After stopping for lunch, we entered the woods. At this point, the group had been hiking for about an hour, maybe an hour and a half. It was hard to say since none of us had cell phones to tell us the time. We stopped in the middle of the trail to take a water break.
“Leora, come here a second,” Nic said with a hint of concern. He was gazing at a map of the trail.
Nic and Leora stood at the front of the line, speaking in hushed tones. Not many people seemed to notice the discussion taking place between them, and if anyone did notice, they didn’t appear to think twice about it.
Finally, the conversation halted and Nic adjusted his pack with a small grimace etched into his face. Our co-leaders wore matching expressions of embarrassment as they turned to face us. In her purple Outdoor Action leader’s shirt, Leora looked like a true authority. In his neon yellow t-shirt, Nic looked like an Expo-brand highlighter.
“MA58, listen up! We are going to turn around and go back the way we came.”
“What’s going on?” someone asked.
“We’ve been hiking in the wrong direction this entire time.”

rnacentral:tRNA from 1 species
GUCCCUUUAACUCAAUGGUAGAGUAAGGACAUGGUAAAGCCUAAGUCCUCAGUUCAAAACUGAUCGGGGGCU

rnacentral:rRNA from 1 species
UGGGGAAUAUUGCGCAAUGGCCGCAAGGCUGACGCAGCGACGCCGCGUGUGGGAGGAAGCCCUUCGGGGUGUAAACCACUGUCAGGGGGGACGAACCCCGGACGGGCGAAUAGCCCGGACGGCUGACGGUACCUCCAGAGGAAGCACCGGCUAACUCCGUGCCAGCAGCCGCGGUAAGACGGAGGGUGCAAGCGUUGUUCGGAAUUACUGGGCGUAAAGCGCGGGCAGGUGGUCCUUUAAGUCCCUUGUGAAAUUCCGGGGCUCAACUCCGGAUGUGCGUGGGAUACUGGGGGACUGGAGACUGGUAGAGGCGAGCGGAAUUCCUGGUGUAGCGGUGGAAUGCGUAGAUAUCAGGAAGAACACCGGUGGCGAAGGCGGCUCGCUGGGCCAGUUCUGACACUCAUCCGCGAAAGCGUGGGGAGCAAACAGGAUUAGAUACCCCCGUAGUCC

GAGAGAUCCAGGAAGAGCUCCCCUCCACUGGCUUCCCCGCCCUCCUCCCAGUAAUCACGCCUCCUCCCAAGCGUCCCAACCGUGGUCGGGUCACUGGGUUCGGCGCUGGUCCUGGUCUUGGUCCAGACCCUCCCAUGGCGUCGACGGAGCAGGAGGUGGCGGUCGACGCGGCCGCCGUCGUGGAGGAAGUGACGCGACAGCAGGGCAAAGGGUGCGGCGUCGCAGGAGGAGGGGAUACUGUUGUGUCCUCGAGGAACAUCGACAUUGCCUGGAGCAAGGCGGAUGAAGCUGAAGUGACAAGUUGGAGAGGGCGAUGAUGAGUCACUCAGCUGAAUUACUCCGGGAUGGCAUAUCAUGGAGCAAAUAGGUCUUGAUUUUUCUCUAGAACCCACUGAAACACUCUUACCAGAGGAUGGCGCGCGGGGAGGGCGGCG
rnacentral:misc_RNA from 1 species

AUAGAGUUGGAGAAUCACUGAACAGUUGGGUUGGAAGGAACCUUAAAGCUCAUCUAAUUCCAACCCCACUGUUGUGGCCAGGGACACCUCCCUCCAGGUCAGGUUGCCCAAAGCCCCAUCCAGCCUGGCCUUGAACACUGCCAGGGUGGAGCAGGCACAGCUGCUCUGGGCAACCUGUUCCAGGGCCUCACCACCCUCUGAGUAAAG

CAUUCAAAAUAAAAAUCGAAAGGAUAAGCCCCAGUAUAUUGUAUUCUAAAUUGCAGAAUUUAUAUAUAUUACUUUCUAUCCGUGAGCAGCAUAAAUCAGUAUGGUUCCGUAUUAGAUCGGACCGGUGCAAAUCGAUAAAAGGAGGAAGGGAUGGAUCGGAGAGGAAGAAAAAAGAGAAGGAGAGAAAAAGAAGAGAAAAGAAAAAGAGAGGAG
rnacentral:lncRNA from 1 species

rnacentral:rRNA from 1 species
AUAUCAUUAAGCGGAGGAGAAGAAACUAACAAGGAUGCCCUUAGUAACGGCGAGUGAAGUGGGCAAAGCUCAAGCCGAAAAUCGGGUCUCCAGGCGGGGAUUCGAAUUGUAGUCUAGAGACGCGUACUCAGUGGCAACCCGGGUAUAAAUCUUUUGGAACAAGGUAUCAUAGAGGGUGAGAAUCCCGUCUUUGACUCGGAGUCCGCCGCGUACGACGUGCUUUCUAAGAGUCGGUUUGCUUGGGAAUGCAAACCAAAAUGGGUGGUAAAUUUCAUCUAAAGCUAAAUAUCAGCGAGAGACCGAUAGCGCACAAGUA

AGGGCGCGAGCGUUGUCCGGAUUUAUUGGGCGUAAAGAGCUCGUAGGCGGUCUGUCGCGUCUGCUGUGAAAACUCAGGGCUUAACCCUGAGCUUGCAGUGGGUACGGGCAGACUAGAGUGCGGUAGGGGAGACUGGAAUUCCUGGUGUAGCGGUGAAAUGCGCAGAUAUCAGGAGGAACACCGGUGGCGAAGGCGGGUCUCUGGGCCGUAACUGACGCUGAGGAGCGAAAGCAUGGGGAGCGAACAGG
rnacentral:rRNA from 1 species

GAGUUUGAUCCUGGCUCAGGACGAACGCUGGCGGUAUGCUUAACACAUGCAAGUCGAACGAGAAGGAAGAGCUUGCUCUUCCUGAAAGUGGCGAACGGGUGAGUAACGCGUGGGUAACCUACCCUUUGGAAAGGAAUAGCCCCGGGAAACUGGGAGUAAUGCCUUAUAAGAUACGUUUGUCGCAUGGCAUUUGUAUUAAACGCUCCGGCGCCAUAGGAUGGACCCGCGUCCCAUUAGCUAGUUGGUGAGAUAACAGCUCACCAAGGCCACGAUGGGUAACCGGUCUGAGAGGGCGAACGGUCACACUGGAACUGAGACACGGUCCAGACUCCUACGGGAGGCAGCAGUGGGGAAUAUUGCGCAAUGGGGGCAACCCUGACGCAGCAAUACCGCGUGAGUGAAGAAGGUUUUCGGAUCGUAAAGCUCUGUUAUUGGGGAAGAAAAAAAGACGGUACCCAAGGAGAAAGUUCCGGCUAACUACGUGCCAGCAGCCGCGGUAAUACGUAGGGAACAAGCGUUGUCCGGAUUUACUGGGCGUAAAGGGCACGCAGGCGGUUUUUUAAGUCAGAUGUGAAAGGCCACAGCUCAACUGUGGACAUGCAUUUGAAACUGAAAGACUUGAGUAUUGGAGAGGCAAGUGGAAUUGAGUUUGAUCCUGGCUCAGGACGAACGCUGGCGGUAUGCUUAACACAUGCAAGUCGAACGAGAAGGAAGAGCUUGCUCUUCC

Our hiking group was a radically weird bunch of people. We thrived on each other’s weirdness... for some bizarre reason. Each member of the group had a fantastic story associated with them over the course of the trip, the most infamous being Jeff’s midnight-pee-bear-scare.
Jeff looked and acted like he’d been raised by the ocean. He came from Ocean Township in New Jersey, which was located right on the state coast with plenty of beach space. His sun-bleached blond hair and tall, skinny frame were enough to support his claims that he lived and breathed the beach. Jeff was probably best remembered for collecting large sticks that he sharpened into spears in the forest.
On the second night of hiking, MA58 set up camp at an empty campsite on the Appalachian Trail. It had a fair amount of roaming space, as well as a wooden shelter to sleep in. The shelter, which had a roof and three walls, opened out into the trees with a splendid view of the forest.
Sometime in the middle of the night, Jeff crept into the woods to pee. When he returned to the shelter, it was pitch-black and hard to make out the shapes of sleeping figures on the ground. Leora stirred in her sleeping bag and peered at Jeff’s looming shadow. “Who’s there? Is somebody there?”
Allegedly, Jeff stepped on someone by accident, although the full details from that night are still uncertain. Either way, it was enough to trigger an ear-splitting shriek from Leora, who thought a bear had invaded the shelter… and thus began the unforgettable “Screaming Incident.”
Leora’s shout set off seven subsequent screams, one from each inhabitant of that tiny wooden shelter. Every single person was screaming in pure terror, with nothing but black and maybe a few scattered shadows to fill their vision. Nobody knew why they were shouting, what was going on, or where they were. Only one thing was for certain: everyone, guys and girls, was full-out screaming.